He regularly updated followers on social media with images both of and from planes.
On the day he died, January 9, he posted stunning images from over Spanish mountains.
The active father-of-two and husband was also a former councillor in Thanet, Kent.
A spokesman for the regional Basque Country police force, known as the Ertzaintza, said both victims 'may be British' but added: 'Identification will involve the experts being 100 per cent certain and that is not the case at present.
'One of the bodies was recovered yesterday afternoon and the other today and they were subsequently transported away from the mountain and taken to the provincial capital San Sebastian for autopsies in the city's Institute of Forensic Medicine.
'Specialists in air accidents are still present at the scene of the crash.
'Authorities here are also in contact with British diplomatic officials since Britain is potentially the country of origin of both the people who died in the accident.'
He added: 'The plane was heading towards San Sebastian airport which is in a coastal resort called Hondarribia which is about 15 miles from the provincial capital and near the border with France.
Rescuers found the wreckage (pictured) on the mountainside amid misty conditions in Spain
Emergency crews were forced to abandon their search for the second person on board just after 6pm last night because of a lack of light. The second body was found today
'There were two people aboard the plane who are the two people who were found dead on Mount Hernio.
'It was foggy in the area when the plane crashed so there were visibility problems but the air accident experts will be the ones who will determine what the cause or causes were.'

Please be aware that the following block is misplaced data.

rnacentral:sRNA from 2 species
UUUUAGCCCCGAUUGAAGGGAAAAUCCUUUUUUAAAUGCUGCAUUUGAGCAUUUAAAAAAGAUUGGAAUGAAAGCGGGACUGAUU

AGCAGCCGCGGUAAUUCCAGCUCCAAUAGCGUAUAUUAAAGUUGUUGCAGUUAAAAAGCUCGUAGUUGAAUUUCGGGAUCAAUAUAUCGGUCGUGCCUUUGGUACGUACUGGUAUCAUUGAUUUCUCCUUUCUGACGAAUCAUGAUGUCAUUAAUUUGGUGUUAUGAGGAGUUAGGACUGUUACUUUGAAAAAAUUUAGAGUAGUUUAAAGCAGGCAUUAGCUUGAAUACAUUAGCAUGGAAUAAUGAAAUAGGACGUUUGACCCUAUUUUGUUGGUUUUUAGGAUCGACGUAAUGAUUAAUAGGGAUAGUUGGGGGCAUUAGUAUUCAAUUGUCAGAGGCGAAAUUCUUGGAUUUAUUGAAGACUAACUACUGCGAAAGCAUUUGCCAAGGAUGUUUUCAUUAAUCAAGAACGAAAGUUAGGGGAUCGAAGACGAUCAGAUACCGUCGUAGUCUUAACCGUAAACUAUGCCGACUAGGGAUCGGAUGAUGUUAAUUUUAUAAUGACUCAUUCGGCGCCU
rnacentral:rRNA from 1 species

Rescue teams, including firefighters, descended on the scene and a helicopter was called in - but the efforts of the air team were severely hampered by the foggy weather conditions.
Ground teams eventually reached the wreckage at 3.45pm and found a body within the wreckage.
They were forced to abandon their search for the second person on board just after 6pm because of a lack of light. They resumed this morning and found a body at 10.22am.
Rescue teams, including firefighters, descended on the scene and a helicopter was called in - but the efforts of the air team were severely hampered by the foggy weather conditions
Hernio mountain is a well known summit in the heart of the province of Gipuzkoa and, at more than 3,500 ft, is the highest peak in the range
Hernio is a well known summit in the heart of the province of Gipuzkoa and, at more than 3,500 ft, is the highest peak in the range.
The crash site has been cordoned off by investigators and rescue teams were due to continue their search this morning.
Although the nationality of the two people on board remains unknown, sources have suggested the two on board the four-seater plane were 'foreign nationals, possibly English'.
A Foreign Office spokesman told MailOnline it was 'seeking further information from the Spanish authorities' following the plane crash.